NEWS

Pirates Hijack Saudi Supertanker

By Matthew Harwood

In their most audacious attack yet, Somali pirates have hijacked a Saudi supertanker off the coast of Kenya, much farther from their base of operations in the Gulf of Aden than ever before, authorities reported Monday.

Reuters reports:

"This is unprecedented. It's the largest ship that we've seen pirated," said Lieutenant Nathan Christensen, a spokesman for the U.S. Fifth Fleet.

"It's three times the size of an aircraft carrier."The Sirius Star held a cargo of as much as two million barrels of oil -- more than one quarter of Saudi Arabia's daily production .... The hijacking, 450 nautical miles (830 km) southeast of Mombasa, Kenya, was in an area far beyond the Gulf of Aden, where most of the attacks on shipping have taken place.

Somali pirates have increasingly shown signs of getting bolder in their attacks and striking further afield.

U.S. Navy Fifth Fleet Commander Jane Campbell told CNN that the new attack means Somali pirates now roam 1.1 million square miles of seas, a indication of how lucrative piracy has become, she said.


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The capture of the Saudi supertanker comes at the end of a busy weekend for pirates. On Saturday, pirates captured a Japanese chemical tanker, taking 23 crew hostage, according to Voice of America (VOA). The hijacking occurred right after pirates released another Japanese chemical tanker. The ship's crew was not harmed.

Pirates still hold 11 ships, reports VOA, including a Ukranian cargo ship containing 33 Russian tanks that they captured in late September in the Gulf of Aden.

Security in the Gulf of Aden, however, has increased since a multinational force of warships carved out a narrow, guarded corridor for ships to safely pass through since August 22.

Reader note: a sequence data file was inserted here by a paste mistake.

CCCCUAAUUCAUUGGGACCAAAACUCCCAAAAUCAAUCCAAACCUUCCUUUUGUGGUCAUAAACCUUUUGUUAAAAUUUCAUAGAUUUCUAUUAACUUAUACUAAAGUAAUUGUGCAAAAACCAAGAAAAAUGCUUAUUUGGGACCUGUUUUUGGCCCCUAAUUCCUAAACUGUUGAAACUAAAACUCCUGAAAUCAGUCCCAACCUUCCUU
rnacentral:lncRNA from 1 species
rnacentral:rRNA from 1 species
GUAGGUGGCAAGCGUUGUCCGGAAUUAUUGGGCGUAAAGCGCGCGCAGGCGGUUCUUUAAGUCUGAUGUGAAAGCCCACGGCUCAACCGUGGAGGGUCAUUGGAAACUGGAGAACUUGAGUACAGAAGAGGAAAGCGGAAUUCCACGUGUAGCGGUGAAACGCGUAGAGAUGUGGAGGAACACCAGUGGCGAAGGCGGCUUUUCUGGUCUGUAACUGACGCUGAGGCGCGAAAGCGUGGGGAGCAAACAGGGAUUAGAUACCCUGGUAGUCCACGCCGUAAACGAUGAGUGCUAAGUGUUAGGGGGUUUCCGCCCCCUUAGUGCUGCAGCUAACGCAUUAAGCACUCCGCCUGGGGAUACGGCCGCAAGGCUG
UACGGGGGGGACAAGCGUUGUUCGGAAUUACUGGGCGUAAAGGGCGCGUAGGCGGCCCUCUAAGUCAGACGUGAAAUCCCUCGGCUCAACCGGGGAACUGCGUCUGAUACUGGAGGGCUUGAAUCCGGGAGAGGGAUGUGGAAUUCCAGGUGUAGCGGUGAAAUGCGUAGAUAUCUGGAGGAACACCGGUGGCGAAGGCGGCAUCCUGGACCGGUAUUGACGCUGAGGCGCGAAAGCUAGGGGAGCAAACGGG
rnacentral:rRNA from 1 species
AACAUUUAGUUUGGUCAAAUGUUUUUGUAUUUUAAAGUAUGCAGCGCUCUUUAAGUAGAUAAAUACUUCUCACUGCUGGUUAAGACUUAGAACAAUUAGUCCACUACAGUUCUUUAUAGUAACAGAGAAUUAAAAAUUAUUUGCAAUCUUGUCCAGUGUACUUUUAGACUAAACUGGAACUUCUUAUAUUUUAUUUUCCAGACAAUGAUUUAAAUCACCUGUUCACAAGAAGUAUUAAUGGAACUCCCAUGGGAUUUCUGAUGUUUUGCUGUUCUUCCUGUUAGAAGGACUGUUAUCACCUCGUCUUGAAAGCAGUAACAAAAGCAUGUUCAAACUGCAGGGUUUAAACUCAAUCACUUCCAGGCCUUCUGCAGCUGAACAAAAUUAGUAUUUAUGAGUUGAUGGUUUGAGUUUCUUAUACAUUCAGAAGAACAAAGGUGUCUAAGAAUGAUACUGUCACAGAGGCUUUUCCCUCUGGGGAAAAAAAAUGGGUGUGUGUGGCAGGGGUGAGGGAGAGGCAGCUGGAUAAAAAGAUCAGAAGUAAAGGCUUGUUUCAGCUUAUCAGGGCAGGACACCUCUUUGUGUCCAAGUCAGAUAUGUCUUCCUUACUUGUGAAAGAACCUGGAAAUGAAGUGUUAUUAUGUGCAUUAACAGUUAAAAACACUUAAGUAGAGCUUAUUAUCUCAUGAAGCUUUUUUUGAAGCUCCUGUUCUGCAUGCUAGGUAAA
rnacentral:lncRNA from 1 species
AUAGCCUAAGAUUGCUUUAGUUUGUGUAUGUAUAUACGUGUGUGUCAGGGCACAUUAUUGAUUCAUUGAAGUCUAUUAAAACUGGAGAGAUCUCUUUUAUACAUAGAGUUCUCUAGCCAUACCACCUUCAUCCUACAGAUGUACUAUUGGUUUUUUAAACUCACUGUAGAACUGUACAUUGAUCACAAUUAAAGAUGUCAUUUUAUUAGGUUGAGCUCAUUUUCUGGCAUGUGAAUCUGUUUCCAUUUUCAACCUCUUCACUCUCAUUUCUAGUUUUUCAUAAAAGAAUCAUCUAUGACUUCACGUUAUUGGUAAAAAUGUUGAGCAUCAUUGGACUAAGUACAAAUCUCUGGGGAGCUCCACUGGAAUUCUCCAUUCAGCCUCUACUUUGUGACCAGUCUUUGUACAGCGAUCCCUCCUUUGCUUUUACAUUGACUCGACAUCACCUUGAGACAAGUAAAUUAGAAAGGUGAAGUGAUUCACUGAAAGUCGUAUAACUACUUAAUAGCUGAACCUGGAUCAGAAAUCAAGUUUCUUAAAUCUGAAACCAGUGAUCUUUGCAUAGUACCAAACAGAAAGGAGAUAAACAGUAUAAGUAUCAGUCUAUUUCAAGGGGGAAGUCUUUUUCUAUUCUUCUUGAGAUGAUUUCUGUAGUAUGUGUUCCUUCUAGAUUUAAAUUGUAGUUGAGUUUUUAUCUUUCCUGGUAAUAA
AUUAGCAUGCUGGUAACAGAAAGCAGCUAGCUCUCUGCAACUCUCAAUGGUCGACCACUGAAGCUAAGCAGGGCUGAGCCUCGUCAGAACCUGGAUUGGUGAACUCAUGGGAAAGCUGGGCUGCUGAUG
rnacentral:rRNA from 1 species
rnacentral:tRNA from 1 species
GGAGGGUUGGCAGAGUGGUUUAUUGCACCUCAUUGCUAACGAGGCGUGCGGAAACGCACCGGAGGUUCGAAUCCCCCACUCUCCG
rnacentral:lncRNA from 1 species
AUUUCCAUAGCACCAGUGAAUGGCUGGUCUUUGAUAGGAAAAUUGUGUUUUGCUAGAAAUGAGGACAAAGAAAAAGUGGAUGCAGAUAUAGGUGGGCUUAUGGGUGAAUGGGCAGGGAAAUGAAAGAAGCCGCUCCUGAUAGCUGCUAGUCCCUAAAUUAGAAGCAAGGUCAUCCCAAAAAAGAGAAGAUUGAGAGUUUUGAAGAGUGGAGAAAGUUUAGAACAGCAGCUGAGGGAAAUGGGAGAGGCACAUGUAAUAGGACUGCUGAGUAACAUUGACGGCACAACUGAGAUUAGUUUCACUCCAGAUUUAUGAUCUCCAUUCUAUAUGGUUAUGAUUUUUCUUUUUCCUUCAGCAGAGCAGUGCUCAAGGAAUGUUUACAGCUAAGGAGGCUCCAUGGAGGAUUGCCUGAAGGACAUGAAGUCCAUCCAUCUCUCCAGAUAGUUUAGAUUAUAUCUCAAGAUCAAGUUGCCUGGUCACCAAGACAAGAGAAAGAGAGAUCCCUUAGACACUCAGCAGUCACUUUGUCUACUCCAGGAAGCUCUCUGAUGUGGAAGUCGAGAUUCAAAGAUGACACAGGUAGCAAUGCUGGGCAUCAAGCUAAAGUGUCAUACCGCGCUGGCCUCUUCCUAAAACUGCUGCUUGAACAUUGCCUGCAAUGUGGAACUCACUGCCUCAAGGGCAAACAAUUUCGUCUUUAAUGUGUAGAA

According to the Associated Press:

The multinational force created the shipping channel to better focus its patrols in the vast area. The zone is about 600 miles long and just three to six miles wide. It runs roughly north-south, allowing ships to safely bypass the Somali coast on their way to and from the Red Sea and the Suez Canal.

Ninety percent of all ships traveling through the area have used the guarded corridor; there have been no hijackings inside the security zone since its inception in late August.

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Canadian Security Firm Fights Pirates:

Canadian Security Firm Fights Pirates:

CBC Radio: interview with a Pirate and with Sunil Ram
of Executive Security Services International:

LISTEN TO PART ONE
http://www.cbc.ca/thecurrent/2008/200811/20081121.html

Contact: Mr. Sunil Ram
Media Security Consultant
www.executivesecurity.ca

November 19, 2008

Canuck seamen seek security advice

By TOM GODFREY, SUN MEDIA

TORONTO -- Canadian seamen and shipowners are looking at ways of warding off pirates in the dangerous waters along the coast of Somalia. And they're searching for answers in Huntsville, Ont.

The latest high seas seizure is a Hong Kong-registered Iranian cargo ship commandeered in the Gulf of Aden yesterday, just days after a Saudi supertanker was taken.

"I have been getting a steady stream of calls from concerned seamen," said Sunil Ram, of Executive Security Services International. "People want to know what they can do to ensure their safety," he said yesterday.

"We offer a range of services to help with their security."

Crews are advised to use high-pressure fire hoses to keep pirates from boarding vessels and to be equipped with floodlights and sirens and if necessary, armed security teams, he said.

GREASED RAILS

"The rails of the ship should be greased and electrified to prevent pirates from boarding," Ram said.

Foreign Affairs in Ottawa said its embassy in Somalia has been closed and Canadians are being told to leave the country.

"The security situation in Somalia is very volatile," a government website says.

Sylvie LaFleur, of Canada Steamship Lines, one of the Canada's largest carriers, said its ships travel through the pirate-infested waters.

"We take many precautions to ensure the safety of our crew," LaFleur said.

Pirates last month seized a Ukrainian cargo ship that had on board tanks, rocket-propelled grenades and ammunition. Food shipments to the war-torn region are also being disrupted.

Sunil Ram
Director of Operations
Media Security Consultant
Security Training INstructor
TEL: 705.788.1957
www.executivesecurity.ca

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